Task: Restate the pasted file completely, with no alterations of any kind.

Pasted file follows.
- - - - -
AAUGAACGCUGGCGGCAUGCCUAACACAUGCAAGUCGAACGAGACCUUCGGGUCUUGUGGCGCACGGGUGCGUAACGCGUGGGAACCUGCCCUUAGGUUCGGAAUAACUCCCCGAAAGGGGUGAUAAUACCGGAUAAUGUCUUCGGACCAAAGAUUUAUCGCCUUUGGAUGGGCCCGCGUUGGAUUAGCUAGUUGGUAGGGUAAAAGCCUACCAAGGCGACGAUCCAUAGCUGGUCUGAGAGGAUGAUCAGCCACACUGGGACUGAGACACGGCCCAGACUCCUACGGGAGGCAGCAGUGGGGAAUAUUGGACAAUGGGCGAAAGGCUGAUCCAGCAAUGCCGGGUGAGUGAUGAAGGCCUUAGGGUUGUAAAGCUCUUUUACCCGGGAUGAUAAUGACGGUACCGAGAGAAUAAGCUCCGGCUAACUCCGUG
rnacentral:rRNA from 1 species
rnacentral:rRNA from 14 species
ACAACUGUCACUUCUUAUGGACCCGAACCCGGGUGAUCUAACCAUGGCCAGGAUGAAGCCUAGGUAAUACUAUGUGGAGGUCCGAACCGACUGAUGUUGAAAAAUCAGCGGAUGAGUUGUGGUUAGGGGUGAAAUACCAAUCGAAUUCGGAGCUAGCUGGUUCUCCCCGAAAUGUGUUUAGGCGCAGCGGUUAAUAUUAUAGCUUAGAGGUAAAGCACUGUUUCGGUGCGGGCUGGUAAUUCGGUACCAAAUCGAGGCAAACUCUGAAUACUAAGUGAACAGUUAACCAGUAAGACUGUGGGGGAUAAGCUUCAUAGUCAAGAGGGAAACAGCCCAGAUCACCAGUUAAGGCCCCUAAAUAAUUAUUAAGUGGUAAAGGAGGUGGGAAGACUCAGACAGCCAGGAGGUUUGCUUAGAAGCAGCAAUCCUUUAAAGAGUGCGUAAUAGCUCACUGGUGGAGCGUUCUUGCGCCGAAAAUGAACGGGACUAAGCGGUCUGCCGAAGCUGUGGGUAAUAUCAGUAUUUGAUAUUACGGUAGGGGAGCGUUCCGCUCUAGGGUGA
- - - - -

AAUGAACGCUGGCGGCAUGCCUAACACAUGCAAGUCGAACGAGACCUUCGGGUCUUGUGGCGCACGGGUGCGUAACGCGUGGGAACCUGCCCUUAGGUUCGGAAUAACUCCCCGAAAGGGGUGAUAAUACCGGAUAAUGUCUUCGGACCAAAGAUUUAUCGCCUUUGGAUGGGCCCGCGUUGGAUUAGCUAGUUGGUAGGGUAAAAGCCUACCAAGGCGACGAUCCAUAGCUGGUCUGAGAGGAUGAUCAGCCACACUGGGACUGAGACACGGCCCAGACUCCUACGGGAGGCAGCAGUGGGGAAUAUUGGACAAUGGGCGAAAGGCUGAUCCAGCAAUGCCGGGUGAGUGAUGAAGGCCUUAGGGUUGUAAAGCUCUUUUACCCGGGAUGAUAAUGACGGUACCGAGAGAAUAAGCUCCGGCUAACUCCGUG
rnacentral:rRNA from 1 species
rnacentral:rRNA from 14 species
ACAACUGUCACUUCUUAUGGACCCGAACCCGGGUGAUCUAACCAUGGCCAGGAUGAAGCCUAGGUAAUACUAUGUGGAGGUCCGAACCGACUGAUGUUGAAAAAUCAGCGGAUGAGUUGUGGUUAGGGGUGAAAUACCAAUCGAAUUCGGAGCUAGCUGGUUCUCCCCGAAAUGUGUUUAGGCGCAGCGGUUAAUAUUAUAGCUUAGAGGUAAAGCACUGUUUCGGUGCGGGCUGGUAAUUCGGUACCAAAUCGAGGCAAACUCUGAAUACUAAGUGAACAGUUAACCAGUAAGACUGUGGGGGAUAAGCUUCAUAGUCAAGAGGGAAACAGCCCAGAUCACCAGUUAAGGCCCCUAAAUAAUUAUUAAGUGGUAAAGGAGGUGGGAAGACUCAGACAGCCAGGAGGUUUGCUUAGAAGCAGCAAUCCUUUAAAGAGUGCGUAAUAGCUCACUGGUGGAGCGUUCUUGCGCCGAAAAUGAACGGGACUAAGCGGUCUGCCGAAGCUGUGGGUAAUAUCAGUAUUUGAUAUUACGGUAGGGGAGCGUUCCGCUCUAGGGUGA